As any enthusiast of the genre would attest to, the mark of a traditionally successful survival horror game is its ability to impose control over the very player who attempts to outwit, outfight and outlast the game, using equal parts gore and psychological terror to push the player to the edge. Yet as Bethesda’s latest installment in “The Evil Within” franchise proves, survival horror — when incorporating elements of open-world design and engaging storytelling — is capable of far more intrigue than the simple run, hide and shoot formula that recent horror games have conditioned players to adopt.
Picking up three years after the events of the franchise’s first game, Tango Gameworks’ “The Evil Within 2” reintroduces the player to Sebastian Castellanos, the troubled former Krimson City Police Department detective whose picturesque life spiraled into a living hell of alcoholism after the tragic death of his young daughter Lily and the consequent disappearance of his wife. Sebastian is undoubtedly still haunted, both mentally and emotionally, by his interactions with Mobius — featured in the first game, the shadowy organization holds a lofty goal of linking the minds of humanity together, for better or for worse, using their STEM system.
Alone and distressed, Sebastian learns the shocking news that his daughter is not actually dead, discovering that Lily was kidnapped by Mobius and is trapped in their vision of a quaint, STEM-generated town known as Union. What begins as a simple extraction mission to save Lily however quickly descends into an agonizing journey into a town ravaged by undead creatures known as the Lost. Union is filled to the brim with blood, gore and Sebastian’s own past demons, leaving Sebastian to fight for survival while he attempts to save Lily.
The brainchild of beloved Tango Gameworks head Shinji Mikami, “The Evil Within 2” showcases gameplay that is reminiscent of Mikami’s fan-favorite survival horror game, “Resident Evil 4” — the game leaves the player to decide when to ambush a group of the Lost using a series of traps and skillfully placed shots, and when to back down and use stealth to avoid crossing paths with enemies entirely.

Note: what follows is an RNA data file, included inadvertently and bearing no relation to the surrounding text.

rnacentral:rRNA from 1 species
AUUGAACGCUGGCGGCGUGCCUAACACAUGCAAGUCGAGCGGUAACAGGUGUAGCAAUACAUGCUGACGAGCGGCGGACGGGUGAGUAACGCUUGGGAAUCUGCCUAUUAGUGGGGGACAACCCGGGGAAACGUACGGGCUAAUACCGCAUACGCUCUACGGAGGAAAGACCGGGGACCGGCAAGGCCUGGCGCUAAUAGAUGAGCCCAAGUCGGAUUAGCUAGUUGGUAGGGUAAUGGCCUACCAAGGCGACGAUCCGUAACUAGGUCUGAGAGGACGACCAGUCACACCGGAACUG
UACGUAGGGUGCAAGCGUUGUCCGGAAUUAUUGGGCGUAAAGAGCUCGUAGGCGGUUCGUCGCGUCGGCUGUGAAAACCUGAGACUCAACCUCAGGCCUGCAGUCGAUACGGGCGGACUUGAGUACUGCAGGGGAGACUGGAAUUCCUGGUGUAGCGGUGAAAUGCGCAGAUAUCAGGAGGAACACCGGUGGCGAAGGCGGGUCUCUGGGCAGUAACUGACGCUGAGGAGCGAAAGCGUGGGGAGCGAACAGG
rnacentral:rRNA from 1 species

But regardless of whether a combat-heavy or stealth-based playstyle is honed by the player, one thing is for sure — upgrading Sebastian’s weapons and skills in addition to scavenging the world of Union for exhaustingly rare resources is the only way to avoid an untimely death in the heat of a battle. “The Evil Within 2” requires players to exert some form of strategy in order for Sebastian to walk away barely breathing from gruesome, close-quarters combat.
Straying from traditional survival horror games, “The Evil Within 2” embraces open-world exploration and optional side quests as a manner of not only advancing Sebastian’s ability to tackle Union, but also progressing the linear storyline, adding to the impact that the plot has on the player. These seemingly fleeting elements of the game add to the sense of pacing that “The Evil Within 2” maintains throughout its various chapters — just when the player begins to gain a sense of relative comfort with Union’s environment, the game throws an entirely new set of terrifying challenges at Sebastian.
“The Evil Within 2” distances itself from the prevailing AAA-rated horror titles of recent years by doing the seemingly impossible for a game of this genre — it develops a complex protagonist and an engaging plot line that the player actually cares about, all without sacrificing the game’s rigorous combat system. As the game progresses, the player cannot help but sympathize with the distraught Sebastian, who has been given the chance to redeem himself and save his daughter by enduring unspeakable horrors.
But at the core of its grotesque, beating heart, “The Evil Within 2” remains the epitome of survival horror — the game uses its visually stunning graphics and chilling sound design to create an ambiance of psychological horror that rivals Konami’s cult-favorite “Silent Hill” series in its fear factor. The game manages to disturb and invade the player’s mind in a manner not suited for the faint of heart.
A full survey of traditional horror elements from psychological terror to cult symbolism to outright, blood-and-entrails gore, “The Evil Within 2” manifests an intense foray into the utter destruction of the human world beyond that of recent survival horror games, leaving the player breathless and on the edge of their seat long after the close of the game’s final chapter.
“The Evil Within 2” is available on PS4, Xbox One and PC.
Manisha Ummadi covers video games. Contact her at [email protected].